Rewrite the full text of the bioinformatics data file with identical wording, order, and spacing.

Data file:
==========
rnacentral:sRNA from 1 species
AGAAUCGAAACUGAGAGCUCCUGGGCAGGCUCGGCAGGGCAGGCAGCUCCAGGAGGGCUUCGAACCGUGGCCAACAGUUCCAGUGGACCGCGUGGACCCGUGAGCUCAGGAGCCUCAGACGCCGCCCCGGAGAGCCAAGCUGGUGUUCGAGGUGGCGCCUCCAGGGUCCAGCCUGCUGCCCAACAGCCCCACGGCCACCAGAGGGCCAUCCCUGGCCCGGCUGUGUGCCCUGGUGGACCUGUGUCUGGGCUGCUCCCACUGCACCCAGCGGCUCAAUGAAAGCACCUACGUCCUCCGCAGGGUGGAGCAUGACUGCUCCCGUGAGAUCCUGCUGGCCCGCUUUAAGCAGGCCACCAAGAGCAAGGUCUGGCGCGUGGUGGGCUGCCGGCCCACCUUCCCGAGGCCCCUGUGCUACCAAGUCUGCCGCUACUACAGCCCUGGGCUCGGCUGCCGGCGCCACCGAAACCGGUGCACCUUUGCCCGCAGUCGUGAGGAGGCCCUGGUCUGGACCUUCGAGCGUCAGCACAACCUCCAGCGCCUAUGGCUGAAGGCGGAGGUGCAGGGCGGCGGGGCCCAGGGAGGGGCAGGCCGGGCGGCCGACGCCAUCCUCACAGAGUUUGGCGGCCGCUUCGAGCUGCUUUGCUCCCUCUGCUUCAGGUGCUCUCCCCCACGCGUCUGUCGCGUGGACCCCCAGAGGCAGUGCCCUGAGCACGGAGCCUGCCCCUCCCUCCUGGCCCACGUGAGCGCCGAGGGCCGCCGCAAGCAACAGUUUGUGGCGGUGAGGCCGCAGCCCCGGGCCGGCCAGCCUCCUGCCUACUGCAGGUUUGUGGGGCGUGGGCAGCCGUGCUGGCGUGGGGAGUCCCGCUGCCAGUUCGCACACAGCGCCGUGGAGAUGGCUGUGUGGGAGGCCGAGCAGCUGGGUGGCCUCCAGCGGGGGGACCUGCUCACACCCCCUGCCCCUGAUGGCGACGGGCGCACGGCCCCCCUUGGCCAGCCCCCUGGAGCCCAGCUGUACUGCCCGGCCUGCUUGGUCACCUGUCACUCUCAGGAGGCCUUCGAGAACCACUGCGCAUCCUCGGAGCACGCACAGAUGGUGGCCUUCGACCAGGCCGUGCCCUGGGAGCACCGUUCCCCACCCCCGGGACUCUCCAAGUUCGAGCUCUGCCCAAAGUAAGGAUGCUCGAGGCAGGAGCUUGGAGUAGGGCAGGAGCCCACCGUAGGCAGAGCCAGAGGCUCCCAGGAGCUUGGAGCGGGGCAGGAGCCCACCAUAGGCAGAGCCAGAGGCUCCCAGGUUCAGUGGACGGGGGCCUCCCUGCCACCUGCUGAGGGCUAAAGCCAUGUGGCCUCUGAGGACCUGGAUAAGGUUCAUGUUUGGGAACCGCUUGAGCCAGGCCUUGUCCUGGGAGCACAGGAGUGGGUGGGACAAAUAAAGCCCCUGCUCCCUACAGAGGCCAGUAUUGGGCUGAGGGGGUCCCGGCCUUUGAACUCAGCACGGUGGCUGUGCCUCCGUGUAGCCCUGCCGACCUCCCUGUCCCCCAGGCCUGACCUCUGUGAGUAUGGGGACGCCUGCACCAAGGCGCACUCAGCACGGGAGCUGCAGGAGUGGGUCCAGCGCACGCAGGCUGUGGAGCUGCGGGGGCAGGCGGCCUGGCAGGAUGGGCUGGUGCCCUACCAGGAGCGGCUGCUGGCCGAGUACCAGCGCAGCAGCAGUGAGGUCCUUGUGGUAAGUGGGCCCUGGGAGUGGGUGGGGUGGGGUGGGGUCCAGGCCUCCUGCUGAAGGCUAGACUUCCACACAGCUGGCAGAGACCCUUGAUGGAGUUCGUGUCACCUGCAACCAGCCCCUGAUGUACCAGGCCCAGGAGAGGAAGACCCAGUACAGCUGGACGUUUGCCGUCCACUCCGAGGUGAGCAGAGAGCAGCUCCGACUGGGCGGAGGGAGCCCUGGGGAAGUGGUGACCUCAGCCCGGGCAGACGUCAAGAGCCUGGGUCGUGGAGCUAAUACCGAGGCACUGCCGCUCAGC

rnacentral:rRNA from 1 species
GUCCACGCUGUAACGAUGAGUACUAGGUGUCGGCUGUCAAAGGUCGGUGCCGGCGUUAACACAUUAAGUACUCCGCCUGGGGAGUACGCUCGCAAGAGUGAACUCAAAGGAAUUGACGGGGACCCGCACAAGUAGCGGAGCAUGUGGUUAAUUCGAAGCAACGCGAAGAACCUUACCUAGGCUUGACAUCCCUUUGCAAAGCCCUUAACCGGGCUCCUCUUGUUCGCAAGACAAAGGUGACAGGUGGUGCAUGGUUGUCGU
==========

rnacentral:sRNA from 1 species
AGAAUCGAAACUGAGAGCUCCUGGGCAGGCUCGGCAGGGCAGGCAGCUCCAGGAGGGCUUCGAACCGUGGCCAACAGUUCCAGUGGACCGCGUGGACCCGUGAGCUCAGGAGCCUCAGACGCCGCCCCGGAGAGCCAAGCUGGUGUUCGAGGUGGCGCCUCCAGGGUCCAGCCUGCUGCCCAACAGCCCCACGGCCACCAGAGGGCCAUCCCUGGCCCGGCUGUGUGCCCUGGUGGACCUGUGUCUGGGCUGCUCCCACUGCACCCAGCGGCUCAAUGAAAGCACCUACGUCCUCCGCAGGGUGGAGCAUGACUGCUCCCGUGAGAUCCUGCUGGCCCGCUUUAAGCAGGCCACCAAGAGCAAGGUCUGGCGCGUGGUGGGCUGCCGGCCCACCUUCCCGAGGCCCCUGUGCUACCAAGUCUGCCGCUACUACAGCCCUGGGCUCGGCUGCCGGCGCCACCGAAACCGGUGCACCUUUGCCCGCAGUCGUGAGGAGGCCCUGGUCUGGACCUUCGAGCGUCAGCACAACCUCCAGCGCCUAUGGCUGAAGGCGGAGGUGCAGGGCGGCGGGGCCCAGGGAGGGGCAGGCCGGGCGGCCGACGCCAUCCUCACAGAGUUUGGCGGCCGCUUCGAGCUGCUUUGCUCCCUCUGCUUCAGGUGCUCUCCCCCACGCGUCUGUCGCGUGGACCCCCAGAGGCAGUGCCCUGAGCACGGAGCCUGCCCCUCCCUCCUGGCCCACGUGAGCGCCGAGGGCCGCCGCAAGCAACAGUUUGUGGCGGUGAGGCCGCAGCCCCGGGCCGGCCAGCCUCCUGCCUACUGCAGGUUUGUGGGGCGUGGGCAGCCGUGCUGGCGUGGGGAGUCCCGCUGCCAGUUCGCACACAGCGCCGUGGAGAUGGCUGUGUGGGAGGCCGAGCAGCUGGGUGGCCUCCAGCGGGGGGACCUGCUCACACCCCCUGCCCCUGAUGGCGACGGGCGCACGGCCCCCCUUGGCCAGCCCCCUGGAGCCCAGCUGUACUGCCCGGCCUGCUUGGUCACCUGUCACUCUCAGGAGGCCUUCGAGAACCACUGCGCAUCCUCGGAGCACGCACAGAUGGUGGCCUUCGACCAGGCCGUGCCCUGGGAGCACCGUUCCCCACCCCCGGGACUCUCCAAGUUCGAGCUCUGCCCAAAGUAAGGAUGCUCGAGGCAGGAGCUUGGAGUAGGGCAGGAGCCCACCGUAGGCAGAGCCAGAGGCUCCCAGGAGCUUGGAGCGGGGCAGGAGCCCACCAUAGGCAGAGCCAGAGGCUCCCAGGUUCAGUGGACGGGGGCCUCCCUGCCACCUGCUGAGGGCUAAAGCCAUGUGGCCUCUGAGGACCUGGAUAAGGUUCAUGUUUGGGAACCGCUUGAGCCAGGCCUUGUCCUGGGAGCACAGGAGUGGGUGGGACAAAUAAAGCCCCUGCUCCCUACAGAGGCCAGUAUUGGGCUGAGGGGGUCCCGGCCUUUGAACUCAGCACGGUGGCUGUGCCUCCGUGUAGCCCUGCCGACCUCCCUGUCCCCCAGGCCUGACCUCUGUGAGUAUGGGGACGCCUGCACCAAGGCGCACUCAGCACGGGAGCUGCAGGAGUGGGUCCAGCGCACGCAGGCUGUGGAGCUGCGGGGGCAGGCGGCCUGGCAGGAUGGGCUGGUGCCCUACCAGGAGCGGCUGCUGGCCGAGUACCAGCGCAGCAGCAGUGAGGUCCUUGUGGUAAGUGGGCCCUGGGAGUGGGUGGGGUGGGGUGGGGUCCAGGCCUCCUGCUGAAGGCUAGACUUCCACACAGCUGGCAGAGACCCUUGAUGGAGUUCGUGUCACCUGCAACCAGCCCCUGAUGUACCAGGCCCAGGAGAGGAAGACCCAGUACAGCUGGACGUUUGCCGUCCACUCCGAGGUGAGCAGAGAGCAGCUCCGACUGGGCGGAGGGAGCCCUGGGGAAGUGGUGACCUCAGCCCGGGCAGACGUCAAGAGCCUGGGUCGUGGAGCUAAUACCGAGGCACUGCCGCUCAGC

rnacentral:rRNA from 1 species
GUCCACGCUGUAACGAUGAGUACUAGGUGUCGGCUGUCAAAGGUCGGUGCCGGCGUUAACACAUUAAGUACUCCGCCUGGGGAGUACGCUCGCAAGAGUGAACUCAAAGGAAUUGACGGGGACCCGCACAAGUAGCGGAGCAUGUGGUUAAUUCGAAGCAACGCGAAGAACCUUACCUAGGCUUGACAUCCCUUUGCAAAGCCCUUAACCGGGCUCCUCUUGUUCGCAAGACAAAGGUGACAGGUGGUGCAUGGUUGUCGU